Dentures

The replacement of missing teeth is an important part of maintaining a healthy smile. When teeth are missing, the remaining teeth can change position, drifting into the empty surrounding space. Teeth that are out of position can damage oral tissues. Cleaning thoroughly between crooked teeth may be difficult, increasing the risk of tooth decay and periodontal (gum) disease which can, in turn, lead to bone loss of the loss of additional teeth.

A denture helps in the proper chewing of food, a difficult task when teeth are missing. A denture may also improve speech and prevent sagging of the face by providing support for lips and cheeks.

A removable partial denture can fill the gap left by missing teeth and improve your smile. A partial denture can be made of acrylic resin, metal, or a combination of the two.

Complete or full dentures replace all the teeth in the upper or lower jaw and may be either "conventional" or "immediate." A conventional denture is placed in the mouth four to eight weeks after removal of all the teeth; this time span allows proper healing. A conventional denture may also be made to replace an existing denture. An immediate denture is placed as soon as the teeth are removed. The main disadvantage to an immediate denture is that more adjustments of the appliance are required during healing, and after the mouth has healed.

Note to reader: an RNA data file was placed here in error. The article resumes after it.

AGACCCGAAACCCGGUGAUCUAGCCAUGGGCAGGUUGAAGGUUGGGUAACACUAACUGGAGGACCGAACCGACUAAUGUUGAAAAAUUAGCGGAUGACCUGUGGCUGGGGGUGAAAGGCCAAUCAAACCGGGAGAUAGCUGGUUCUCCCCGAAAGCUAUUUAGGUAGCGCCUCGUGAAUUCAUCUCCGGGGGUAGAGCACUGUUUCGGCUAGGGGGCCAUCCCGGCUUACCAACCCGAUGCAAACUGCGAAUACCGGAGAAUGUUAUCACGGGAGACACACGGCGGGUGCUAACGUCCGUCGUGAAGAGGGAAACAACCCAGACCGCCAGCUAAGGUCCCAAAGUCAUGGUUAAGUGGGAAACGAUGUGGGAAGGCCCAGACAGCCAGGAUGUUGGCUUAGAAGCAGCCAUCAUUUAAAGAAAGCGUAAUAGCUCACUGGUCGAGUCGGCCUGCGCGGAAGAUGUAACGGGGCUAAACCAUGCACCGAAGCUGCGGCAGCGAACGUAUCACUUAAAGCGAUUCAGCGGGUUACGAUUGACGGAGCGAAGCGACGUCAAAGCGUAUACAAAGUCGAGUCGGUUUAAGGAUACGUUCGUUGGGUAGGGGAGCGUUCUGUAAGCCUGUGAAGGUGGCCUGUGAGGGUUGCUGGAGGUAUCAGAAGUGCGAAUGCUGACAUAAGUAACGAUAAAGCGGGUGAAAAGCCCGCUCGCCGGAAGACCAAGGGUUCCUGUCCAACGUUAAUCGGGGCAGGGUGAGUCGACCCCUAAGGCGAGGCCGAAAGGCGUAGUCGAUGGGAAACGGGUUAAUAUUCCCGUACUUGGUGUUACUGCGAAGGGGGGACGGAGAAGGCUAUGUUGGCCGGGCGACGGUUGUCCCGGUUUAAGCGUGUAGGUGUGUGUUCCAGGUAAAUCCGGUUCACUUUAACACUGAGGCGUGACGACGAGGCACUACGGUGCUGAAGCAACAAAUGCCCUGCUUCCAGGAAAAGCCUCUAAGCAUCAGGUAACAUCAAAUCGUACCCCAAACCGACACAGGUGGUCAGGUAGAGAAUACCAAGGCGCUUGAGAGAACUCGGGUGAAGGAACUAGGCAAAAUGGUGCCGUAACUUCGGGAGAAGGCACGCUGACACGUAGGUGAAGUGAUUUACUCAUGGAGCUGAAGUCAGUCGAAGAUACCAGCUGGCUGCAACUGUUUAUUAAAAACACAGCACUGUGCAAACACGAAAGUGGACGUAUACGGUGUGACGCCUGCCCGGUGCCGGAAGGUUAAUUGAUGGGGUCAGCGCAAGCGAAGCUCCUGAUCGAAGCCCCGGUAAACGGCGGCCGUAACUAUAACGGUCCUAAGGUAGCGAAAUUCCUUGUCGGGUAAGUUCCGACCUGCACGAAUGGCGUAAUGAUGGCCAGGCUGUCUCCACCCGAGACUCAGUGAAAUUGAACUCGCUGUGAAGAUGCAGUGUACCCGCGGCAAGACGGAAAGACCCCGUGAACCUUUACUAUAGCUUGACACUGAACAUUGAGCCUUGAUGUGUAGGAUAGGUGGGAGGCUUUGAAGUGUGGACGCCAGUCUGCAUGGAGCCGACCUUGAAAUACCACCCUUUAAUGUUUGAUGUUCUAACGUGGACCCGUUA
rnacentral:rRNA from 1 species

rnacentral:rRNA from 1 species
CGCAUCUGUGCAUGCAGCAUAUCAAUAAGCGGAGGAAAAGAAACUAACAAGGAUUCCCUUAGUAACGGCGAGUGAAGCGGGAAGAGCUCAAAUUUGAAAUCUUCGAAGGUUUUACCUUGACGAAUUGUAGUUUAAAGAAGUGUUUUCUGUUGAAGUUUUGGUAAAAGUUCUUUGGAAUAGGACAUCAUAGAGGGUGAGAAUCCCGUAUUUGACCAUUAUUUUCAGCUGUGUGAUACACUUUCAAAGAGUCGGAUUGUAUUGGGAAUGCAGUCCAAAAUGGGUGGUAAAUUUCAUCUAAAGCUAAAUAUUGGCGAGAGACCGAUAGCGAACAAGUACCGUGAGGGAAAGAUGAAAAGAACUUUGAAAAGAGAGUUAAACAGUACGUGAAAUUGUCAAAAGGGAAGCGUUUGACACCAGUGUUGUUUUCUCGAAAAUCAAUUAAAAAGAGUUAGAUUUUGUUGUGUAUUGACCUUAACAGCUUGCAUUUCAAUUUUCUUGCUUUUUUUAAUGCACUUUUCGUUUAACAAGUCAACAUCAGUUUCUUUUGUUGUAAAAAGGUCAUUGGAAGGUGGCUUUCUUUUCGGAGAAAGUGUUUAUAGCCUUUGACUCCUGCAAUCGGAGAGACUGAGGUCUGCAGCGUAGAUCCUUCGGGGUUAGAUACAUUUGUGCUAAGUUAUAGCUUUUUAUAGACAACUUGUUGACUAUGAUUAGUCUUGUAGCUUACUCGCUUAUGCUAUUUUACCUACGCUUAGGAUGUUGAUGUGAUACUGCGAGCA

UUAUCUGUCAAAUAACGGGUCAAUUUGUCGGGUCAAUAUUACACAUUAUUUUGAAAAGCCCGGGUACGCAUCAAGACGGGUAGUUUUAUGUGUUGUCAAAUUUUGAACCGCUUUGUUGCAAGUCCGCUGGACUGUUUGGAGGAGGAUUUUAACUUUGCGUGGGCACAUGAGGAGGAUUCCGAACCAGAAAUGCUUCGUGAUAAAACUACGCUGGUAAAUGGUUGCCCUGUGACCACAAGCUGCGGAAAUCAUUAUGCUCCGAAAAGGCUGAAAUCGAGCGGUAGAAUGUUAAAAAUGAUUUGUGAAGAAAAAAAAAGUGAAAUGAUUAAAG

cosmetic bonding to cover chips, cracks and stains
natural looking crowns
bridges and implants
root canal therapy
professional cleanings and regular checkups
full and partial dentures
nightguards: protection from teeth grinding
sealants
tooth-coloured non-mercury fillings
teeth whitening (bleaching)
protective mouth guards
oral hygiene maintenance




You should minimize drinking soft drinks. There is evidence that the acid from carbonated soft drinks contributes to the breakdown of enamel if multiple soft drinks are ingested daily. Dr Pepper and colas seem to be the worst.





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